How to Use Conditional Formatting in Excel

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Here is an easy tutorial that explains how to do conditional formatting in Excel.

It has to be said that some Excel spreadsheets are practically unusable. The more we rely on Excel, the more data we start cramming into our screens, and the more we try to do with the application.

The good news is we do not have to make things so hard on ourselves. Rather than have our workbooks be a sea of figures, we can make the data we need “jump out” at us.

How do we achieve this trick? With a little feature called “Conditional Formatting“.

Using conditional formatting we can highlight the important areas using colour and other visual changes. Perhaps we will use red background as a warning, or green to say all is fine. We might make the font bold when something is more significant, or put a border around a number we need to note down.

Essentially we can stop everything looking equal priority and instead turn the spreadsheet into a useful dashboard.

Conditional Formatting Basics

Conditional formatting is found in Home ribbon, in Styles.

Conditional Formatting

Highlight the cell(s) you want to work on then hit “New Rule”. This will allow you to set the condition you want the style to change based upon, and what you want the result to look like. So if, for example, we wanted the cell background colour to turn blue when the cell contains the word ‘Blue’, we could say “Format Only Cells That Contain”, “the Cell Value”, “Equal to”, “Blue”, then set the background fill to be a nice shade of blue.

Conditional Formatting Color

It’s that easy!

More Complex Conditional Formatting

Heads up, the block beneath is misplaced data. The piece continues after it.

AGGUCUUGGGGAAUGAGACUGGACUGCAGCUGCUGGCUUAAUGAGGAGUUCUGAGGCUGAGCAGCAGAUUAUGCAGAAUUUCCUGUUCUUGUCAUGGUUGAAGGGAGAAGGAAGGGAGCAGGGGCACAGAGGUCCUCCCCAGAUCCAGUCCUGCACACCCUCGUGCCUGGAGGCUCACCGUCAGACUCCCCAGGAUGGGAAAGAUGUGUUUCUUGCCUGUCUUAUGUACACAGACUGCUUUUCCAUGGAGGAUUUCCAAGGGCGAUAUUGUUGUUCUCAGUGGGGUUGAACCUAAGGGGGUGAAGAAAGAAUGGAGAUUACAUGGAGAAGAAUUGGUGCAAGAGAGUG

There are a lot of options when it comes to setting conditions. We can decide we want to have a certain formatting based on greater than, less than, a sliding scale or even a formula. We can either add the formula right into the cell rule or even have the formula depend on the outcome of a formula in the sheet!

Let me explain using an example. Imagine we wanted to highlight rows in a table based on the age of the people represented. If they are over 20 we use one colour, under 20 we use another.

Do you see how the under-20s jump out of the screen?

First we discover if the person is over 20.


Then we set the conditional formatting formula to check if we have a ‘Yes’ in our E column.


Of course we have only scratched the surface of what conditional formatting can do, but I hope I have given you some inspiration so you can start using the feature in your own spreadsheets and maybe prevent some unnecessary data-induced headaches! Please let us know how you get on with your own.

About the author

This is a guest post by Yoav. Yoav Ezer co-authors the technology and productivity blog Codswallop. He is also the CEO of a company that produces PDF to Excel conversion software. Some previous articles by Yoav include Microsoft Excel alternatives, how to create lookup function in Google Docs, and How to protect cells in Excel.

For more Excel tips from Yoav, join him on Facebook or Twitter

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